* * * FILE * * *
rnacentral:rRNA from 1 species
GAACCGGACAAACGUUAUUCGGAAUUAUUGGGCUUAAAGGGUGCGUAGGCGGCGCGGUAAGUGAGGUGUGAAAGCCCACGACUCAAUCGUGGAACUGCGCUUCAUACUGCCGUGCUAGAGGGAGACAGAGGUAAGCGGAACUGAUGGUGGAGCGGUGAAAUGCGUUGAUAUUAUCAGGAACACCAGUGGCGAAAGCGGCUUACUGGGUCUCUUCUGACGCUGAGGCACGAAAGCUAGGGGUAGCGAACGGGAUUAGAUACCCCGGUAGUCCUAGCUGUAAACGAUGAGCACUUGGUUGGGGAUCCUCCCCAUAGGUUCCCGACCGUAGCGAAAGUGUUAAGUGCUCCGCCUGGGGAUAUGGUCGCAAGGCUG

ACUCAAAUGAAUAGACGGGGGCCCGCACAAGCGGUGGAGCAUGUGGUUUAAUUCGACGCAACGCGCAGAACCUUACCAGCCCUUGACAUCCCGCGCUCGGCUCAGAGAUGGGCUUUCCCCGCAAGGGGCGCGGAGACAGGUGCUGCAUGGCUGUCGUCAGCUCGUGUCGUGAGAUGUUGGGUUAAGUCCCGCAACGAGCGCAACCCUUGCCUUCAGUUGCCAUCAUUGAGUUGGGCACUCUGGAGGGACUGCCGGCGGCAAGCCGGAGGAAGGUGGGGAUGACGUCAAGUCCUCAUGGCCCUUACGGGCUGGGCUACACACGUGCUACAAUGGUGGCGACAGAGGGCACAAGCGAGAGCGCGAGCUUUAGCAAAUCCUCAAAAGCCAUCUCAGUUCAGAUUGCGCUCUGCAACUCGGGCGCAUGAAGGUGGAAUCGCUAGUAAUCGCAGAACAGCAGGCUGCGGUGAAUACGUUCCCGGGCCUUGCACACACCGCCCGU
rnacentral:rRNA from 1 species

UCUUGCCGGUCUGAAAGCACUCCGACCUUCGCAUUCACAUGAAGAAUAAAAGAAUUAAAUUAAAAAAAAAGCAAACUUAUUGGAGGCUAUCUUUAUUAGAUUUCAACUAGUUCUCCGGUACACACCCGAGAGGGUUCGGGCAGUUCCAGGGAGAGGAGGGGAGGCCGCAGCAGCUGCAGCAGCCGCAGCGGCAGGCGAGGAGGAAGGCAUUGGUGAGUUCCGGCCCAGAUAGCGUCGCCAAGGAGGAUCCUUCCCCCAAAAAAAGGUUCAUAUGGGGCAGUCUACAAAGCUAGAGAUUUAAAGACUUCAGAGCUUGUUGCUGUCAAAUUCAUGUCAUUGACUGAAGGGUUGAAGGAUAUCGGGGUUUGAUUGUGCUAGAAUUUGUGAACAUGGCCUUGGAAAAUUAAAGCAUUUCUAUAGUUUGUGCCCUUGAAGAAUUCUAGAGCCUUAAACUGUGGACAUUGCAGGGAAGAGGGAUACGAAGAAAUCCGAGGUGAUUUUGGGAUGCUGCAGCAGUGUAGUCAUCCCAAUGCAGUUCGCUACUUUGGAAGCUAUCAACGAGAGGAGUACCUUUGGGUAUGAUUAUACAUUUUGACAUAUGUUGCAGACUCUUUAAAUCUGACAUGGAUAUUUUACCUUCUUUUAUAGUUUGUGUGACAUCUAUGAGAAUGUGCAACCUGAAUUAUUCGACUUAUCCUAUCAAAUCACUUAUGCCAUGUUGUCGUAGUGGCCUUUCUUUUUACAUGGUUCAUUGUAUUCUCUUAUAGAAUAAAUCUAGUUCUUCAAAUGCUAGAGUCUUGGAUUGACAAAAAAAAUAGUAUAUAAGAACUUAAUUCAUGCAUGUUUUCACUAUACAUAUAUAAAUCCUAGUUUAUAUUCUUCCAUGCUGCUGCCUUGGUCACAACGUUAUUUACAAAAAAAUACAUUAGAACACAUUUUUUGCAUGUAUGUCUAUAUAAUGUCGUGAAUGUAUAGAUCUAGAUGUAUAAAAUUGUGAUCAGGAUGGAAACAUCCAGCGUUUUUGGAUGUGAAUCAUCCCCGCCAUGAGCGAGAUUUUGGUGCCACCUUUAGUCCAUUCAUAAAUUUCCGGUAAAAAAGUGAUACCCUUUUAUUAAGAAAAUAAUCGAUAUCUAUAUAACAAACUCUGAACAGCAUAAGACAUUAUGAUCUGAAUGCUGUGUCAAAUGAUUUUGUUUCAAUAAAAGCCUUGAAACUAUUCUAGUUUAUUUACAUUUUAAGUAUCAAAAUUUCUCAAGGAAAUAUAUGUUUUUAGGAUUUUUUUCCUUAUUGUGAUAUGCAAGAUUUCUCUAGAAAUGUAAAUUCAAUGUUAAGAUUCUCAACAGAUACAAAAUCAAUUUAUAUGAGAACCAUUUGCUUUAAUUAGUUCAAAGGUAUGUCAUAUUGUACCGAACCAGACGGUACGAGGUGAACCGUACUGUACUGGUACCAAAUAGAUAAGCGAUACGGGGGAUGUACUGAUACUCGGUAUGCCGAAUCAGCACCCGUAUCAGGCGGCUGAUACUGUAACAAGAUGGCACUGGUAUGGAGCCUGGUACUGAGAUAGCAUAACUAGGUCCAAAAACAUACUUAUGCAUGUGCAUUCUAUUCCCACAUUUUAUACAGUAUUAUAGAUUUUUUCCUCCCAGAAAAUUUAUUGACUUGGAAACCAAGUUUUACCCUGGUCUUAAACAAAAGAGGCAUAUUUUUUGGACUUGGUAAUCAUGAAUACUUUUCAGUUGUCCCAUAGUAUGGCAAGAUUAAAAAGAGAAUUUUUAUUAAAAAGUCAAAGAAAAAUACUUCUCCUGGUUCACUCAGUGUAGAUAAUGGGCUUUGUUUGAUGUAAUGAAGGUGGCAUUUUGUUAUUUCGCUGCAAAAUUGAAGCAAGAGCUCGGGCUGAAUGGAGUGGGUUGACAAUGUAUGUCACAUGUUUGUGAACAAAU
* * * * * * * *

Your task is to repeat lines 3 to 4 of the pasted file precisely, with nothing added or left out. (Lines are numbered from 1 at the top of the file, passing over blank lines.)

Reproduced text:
ACUCAAAUGAAUAGACGGGGGCCCGCACAAGCGGUGGAGCAUGUGGUUUAAUUCGACGCAACGCGCAGAACCUUACCAGCCCUUGACAUCCCGCGCUCGGCUCAGAGAUGGGCUUUCCCCGCAAGGGGCGCGGAGACAGGUGCUGCAUGGCUGUCGUCAGCUCGUGUCGUGAGAUGUUGGGUUAAGUCCCGCAACGAGCGCAACCCUUGCCUUCAGUUGCCAUCAUUGAGUUGGGCACUCUGGAGGGACUGCCGGCGGCAAGCCGGAGGAAGGUGGGGAUGACGUCAAGUCCUCAUGGCCCUUACGGGCUGGGCUACACACGUGCUACAAUGGUGGCGACAGAGGGCACAAGCGAGAGCGCGAGCUUUAGCAAAUCCUCAAAAGCCAUCUCAGUUCAGAUUGCGCUCUGCAACUCGGGCGCAUGAAGGUGGAAUCGCUAGUAAUCGCAGAACAGCAGGCUGCGGUGAAUACGUUCCCGGGCCUUGCACACACCGCCCGU
rnacentral:rRNA from 1 species